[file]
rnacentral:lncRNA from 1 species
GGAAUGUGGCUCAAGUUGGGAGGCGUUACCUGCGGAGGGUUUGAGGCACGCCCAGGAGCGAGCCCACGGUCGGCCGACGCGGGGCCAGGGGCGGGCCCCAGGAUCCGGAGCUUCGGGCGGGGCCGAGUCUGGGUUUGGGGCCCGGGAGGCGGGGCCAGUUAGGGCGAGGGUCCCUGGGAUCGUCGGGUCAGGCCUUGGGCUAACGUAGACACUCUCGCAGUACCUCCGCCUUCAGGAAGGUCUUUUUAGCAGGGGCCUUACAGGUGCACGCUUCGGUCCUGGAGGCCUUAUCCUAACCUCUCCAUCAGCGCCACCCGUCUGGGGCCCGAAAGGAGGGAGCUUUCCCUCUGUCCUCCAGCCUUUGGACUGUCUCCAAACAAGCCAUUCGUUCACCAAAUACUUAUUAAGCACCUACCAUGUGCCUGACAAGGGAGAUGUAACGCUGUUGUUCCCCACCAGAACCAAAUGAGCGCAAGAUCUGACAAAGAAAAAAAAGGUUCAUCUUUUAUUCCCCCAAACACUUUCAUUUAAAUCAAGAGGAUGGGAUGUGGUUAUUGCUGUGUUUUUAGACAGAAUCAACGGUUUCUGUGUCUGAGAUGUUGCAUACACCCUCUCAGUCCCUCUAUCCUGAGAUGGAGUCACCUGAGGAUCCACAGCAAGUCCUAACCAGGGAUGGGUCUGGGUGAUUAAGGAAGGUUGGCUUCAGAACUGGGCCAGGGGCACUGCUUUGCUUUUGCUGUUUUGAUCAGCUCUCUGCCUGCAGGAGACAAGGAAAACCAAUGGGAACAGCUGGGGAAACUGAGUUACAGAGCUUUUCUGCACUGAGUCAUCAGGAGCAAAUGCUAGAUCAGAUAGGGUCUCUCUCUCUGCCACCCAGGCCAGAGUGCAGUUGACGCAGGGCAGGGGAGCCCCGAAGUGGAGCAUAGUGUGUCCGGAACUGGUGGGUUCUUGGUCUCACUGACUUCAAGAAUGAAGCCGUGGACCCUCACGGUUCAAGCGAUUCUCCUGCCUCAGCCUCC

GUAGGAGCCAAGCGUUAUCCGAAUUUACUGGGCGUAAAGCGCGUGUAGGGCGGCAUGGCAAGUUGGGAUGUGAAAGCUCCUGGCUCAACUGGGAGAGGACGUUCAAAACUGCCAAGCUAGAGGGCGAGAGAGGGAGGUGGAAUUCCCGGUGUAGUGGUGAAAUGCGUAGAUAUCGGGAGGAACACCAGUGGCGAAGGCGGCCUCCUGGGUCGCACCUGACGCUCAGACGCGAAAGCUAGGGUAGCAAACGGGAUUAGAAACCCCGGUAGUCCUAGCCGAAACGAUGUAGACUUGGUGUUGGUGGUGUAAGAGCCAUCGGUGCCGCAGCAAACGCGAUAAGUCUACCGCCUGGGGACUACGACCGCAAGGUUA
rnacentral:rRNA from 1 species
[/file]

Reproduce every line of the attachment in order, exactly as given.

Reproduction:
rnacentral:lncRNA from 1 species
GGAAUGUGGCUCAAGUUGGGAGGCGUUACCUGCGGAGGGUUUGAGGCACGCCCAGGAGCGAGCCCACGGUCGGCCGACGCGGGGCCAGGGGCGGGCCCCAGGAUCCGGAGCUUCGGGCGGGGCCGAGUCUGGGUUUGGGGCCCGGGAGGCGGGGCCAGUUAGGGCGAGGGUCCCUGGGAUCGUCGGGUCAGGCCUUGGGCUAACGUAGACACUCUCGCAGUACCUCCGCCUUCAGGAAGGUCUUUUUAGCAGGGGCCUUACAGGUGCACGCUUCGGUCCUGGAGGCCUUAUCCUAACCUCUCCAUCAGCGCCACCCGUCUGGGGCCCGAAAGGAGGGAGCUUUCCCUCUGUCCUCCAGCCUUUGGACUGUCUCCAAACAAGCCAUUCGUUCACCAAAUACUUAUUAAGCACCUACCAUGUGCCUGACAAGGGAGAUGUAACGCUGUUGUUCCCCACCAGAACCAAAUGAGCGCAAGAUCUGACAAAGAAAAAAAAGGUUCAUCUUUUAUUCCCCCAAACACUUUCAUUUAAAUCAAGAGGAUGGGAUGUGGUUAUUGCUGUGUUUUUAGACAGAAUCAACGGUUUCUGUGUCUGAGAUGUUGCAUACACCCUCUCAGUCCCUCUAUCCUGAGAUGGAGUCACCUGAGGAUCCACAGCAAGUCCUAACCAGGGAUGGGUCUGGGUGAUUAAGGAAGGUUGGCUUCAGAACUGGGCCAGGGGCACUGCUUUGCUUUUGCUGUUUUGAUCAGCUCUCUGCCUGCAGGAGACAAGGAAAACCAAUGGGAACAGCUGGGGAAACUGAGUUACAGAGCUUUUCUGCACUGAGUCAUCAGGAGCAAAUGCUAGAUCAGAUAGGGUCUCUCUCUCUGCCACCCAGGCCAGAGUGCAGUUGACGCAGGGCAGGGGAGCCCCGAAGUGGAGCAUAGUGUGUCCGGAACUGGUGGGUUCUUGGUCUCACUGACUUCAAGAAUGAAGCCGUGGACCCUCACGGUUCAAGCGAUUCUCCUGCCUCAGCCUCC

GUAGGAGCCAAGCGUUAUCCGAAUUUACUGGGCGUAAAGCGCGUGUAGGGCGGCAUGGCAAGUUGGGAUGUGAAAGCUCCUGGCUCAACUGGGAGAGGACGUUCAAAACUGCCAAGCUAGAGGGCGAGAGAGGGAGGUGGAAUUCCCGGUGUAGUGGUGAAAUGCGUAGAUAUCGGGAGGAACACCAGUGGCGAAGGCGGCCUCCUGGGUCGCACCUGACGCUCAGACGCGAAAGCUAGGGUAGCAAACGGGAUUAGAAACCCCGGUAGUCCUAGCCGAAACGAUGUAGACUUGGUGUUGGUGGUGUAAGAGCCAUCGGUGCCGCAGCAAACGCGAUAAGUCUACCGCCUGGGGACUACGACCGCAAGGUUA
rnacentral:rRNA from 1 species